Panel Assesses Evidence for the Collection and Use of Family Health History Information
Though most Americans are familiar with completing a questionnaire about their family health history when visiting health care providers, an independent panel was convened by the National Institutes of Health recently to critically assess exactly what we know and what we need to learn about how this process relates to improving health. The conference focused on the use of family history in the primary care setting for common diseases such as diabetes, stroke, cancer, and heart disease.
Hamidi: A person's family history plays an important role in the practice of medicine and has the potential to motivate positive lifestyle changes, enhance individual empowerment, and influence clinical interventions.Dr. Berg: When you look closely at family history, though, you'll find that there's a lot that we don't know about it.
Hamidi: Dr. Alfred O. Berg is professor in the Department of Family Medicine at the University of Washington in Seattle, and served as Panel Chair for the NIH State-of-the-Science Conference: Family History and Improving Health. Dr. Berg says it is imperative to clarify what is meant by the term "family history."
Dr. Berg: The term is in common use but it really doesn't have a common definition. Clinicians and patients understand it in different ways.
Hamidi: He adds that an increased emphasis on personalized medicine and electronic health records creates a fascinating opportunity to responsibly maximize the value of this information.
Dr. Berg: It's an interesting place to be in medicine right now with a huge increase in the availability of certain kinds of genomic information also with healthcare reform on the horizon a lot interest in electronic health records and in personalizing medical care, so the role that the family history might play in all of this is of obvious interest.
Hamidi: While the correlation between family history and an individual's own health is evident, the various methods by which this information is collected, recorded and analyzed aren't necessarily the most effective.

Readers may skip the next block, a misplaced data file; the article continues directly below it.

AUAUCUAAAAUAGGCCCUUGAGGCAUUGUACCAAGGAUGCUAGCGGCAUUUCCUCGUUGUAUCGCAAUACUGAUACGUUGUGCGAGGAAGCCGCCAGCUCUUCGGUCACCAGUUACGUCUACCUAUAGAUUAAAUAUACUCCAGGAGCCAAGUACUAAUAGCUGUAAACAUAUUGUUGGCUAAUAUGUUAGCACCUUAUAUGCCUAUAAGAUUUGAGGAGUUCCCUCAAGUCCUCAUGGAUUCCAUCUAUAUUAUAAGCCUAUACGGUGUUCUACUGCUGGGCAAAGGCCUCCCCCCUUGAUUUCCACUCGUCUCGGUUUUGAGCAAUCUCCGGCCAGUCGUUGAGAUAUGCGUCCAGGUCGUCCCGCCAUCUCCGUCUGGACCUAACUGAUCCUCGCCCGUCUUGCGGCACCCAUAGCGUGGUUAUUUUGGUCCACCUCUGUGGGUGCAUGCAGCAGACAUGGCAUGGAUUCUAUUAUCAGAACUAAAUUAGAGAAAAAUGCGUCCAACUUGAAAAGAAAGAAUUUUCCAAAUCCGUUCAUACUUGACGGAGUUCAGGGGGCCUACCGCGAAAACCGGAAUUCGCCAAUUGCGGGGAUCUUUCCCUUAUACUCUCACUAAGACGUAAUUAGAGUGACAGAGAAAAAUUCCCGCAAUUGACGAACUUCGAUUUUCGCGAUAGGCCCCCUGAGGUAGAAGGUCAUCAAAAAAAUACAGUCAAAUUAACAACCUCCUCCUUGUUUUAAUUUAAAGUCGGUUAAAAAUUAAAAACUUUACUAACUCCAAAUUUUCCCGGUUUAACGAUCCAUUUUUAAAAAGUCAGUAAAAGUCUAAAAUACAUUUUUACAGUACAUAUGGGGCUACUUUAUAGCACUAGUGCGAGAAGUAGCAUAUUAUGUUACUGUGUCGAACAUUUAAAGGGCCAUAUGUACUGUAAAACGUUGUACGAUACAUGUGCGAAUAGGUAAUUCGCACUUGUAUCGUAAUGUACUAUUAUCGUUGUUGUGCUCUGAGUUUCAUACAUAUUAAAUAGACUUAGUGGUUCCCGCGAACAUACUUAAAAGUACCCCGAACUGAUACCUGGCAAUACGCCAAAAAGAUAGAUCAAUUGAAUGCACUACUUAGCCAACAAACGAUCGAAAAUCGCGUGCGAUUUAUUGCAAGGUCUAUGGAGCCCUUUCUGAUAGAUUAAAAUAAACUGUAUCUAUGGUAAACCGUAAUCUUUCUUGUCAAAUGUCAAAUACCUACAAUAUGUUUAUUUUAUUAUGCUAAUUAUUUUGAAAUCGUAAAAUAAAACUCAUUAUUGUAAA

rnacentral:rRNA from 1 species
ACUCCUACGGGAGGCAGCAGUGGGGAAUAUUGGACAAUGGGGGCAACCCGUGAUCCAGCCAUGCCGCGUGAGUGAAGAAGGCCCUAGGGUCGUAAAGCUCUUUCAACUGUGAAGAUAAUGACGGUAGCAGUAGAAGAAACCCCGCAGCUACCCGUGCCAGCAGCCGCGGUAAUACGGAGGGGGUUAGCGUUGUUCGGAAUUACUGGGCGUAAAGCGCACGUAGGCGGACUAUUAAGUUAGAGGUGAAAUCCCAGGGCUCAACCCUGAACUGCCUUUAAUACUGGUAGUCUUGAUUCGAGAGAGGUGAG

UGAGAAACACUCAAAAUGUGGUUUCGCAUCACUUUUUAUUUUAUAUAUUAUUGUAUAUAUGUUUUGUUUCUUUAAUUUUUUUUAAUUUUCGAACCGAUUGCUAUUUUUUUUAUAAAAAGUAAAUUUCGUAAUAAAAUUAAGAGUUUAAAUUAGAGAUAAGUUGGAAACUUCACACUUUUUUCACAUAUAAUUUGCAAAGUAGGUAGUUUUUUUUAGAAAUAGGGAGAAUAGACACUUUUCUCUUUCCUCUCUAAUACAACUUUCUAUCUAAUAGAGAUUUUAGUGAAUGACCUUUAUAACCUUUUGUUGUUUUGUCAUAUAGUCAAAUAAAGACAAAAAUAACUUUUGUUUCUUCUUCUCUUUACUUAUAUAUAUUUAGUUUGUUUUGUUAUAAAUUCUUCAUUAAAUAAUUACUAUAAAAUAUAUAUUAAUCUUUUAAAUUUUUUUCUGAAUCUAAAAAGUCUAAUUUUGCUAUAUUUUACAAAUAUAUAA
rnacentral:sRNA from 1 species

Dr. Berg: Family history questionnaires are not standardized; they cover a wide variety of factors. The questions may be imbedded in complex risk assessment tools along with other demographic and health factors and even the definition of family varies when you look at it from the perspective of geneticists, generalists, specialists and clinicians, family therapists and members of some ethnic and cultural groups.
Hamidi: The panelists drafted a proposal with twenty-five research recommendations falling under three categories: the structure or characteristics of family history, the process of acquiring a family history and lastly, examining the outcomes of family history acquisition, interpretation, and application.
Dr. Berg: It's been an interesting process. The topic was family history and improving health and of course, many common diseases have genetic, environmental, and lifestyle causes that family members share and healthcare professionals in the U.S. have always asked patients about family history information.
Hamidi: Dr. Berg explains that the interest in examining the role of family health history and its relationship to improving health outcomes is likely reflective of the fundamental changes that modern medicine and science are facing today.
Dr. Berg: But for the most part, the panel found that it is unclear how this information can be effectively gathered and used in the primary care setting for common diseases so our research recommendations outline our suggested approach for addressing the gaps in research.
Hamidi: The panel's complete and updated draft state-of-the-science statement is available at consensus.nih.gov. This is Anahita Hamidi, National Institutes of Health, Bethesda, Maryland.
About This Audio Report
Reporter: Anahita Hamidi
Sound Bite: Dr. Alfred O. Berg
Topic: Family History and Health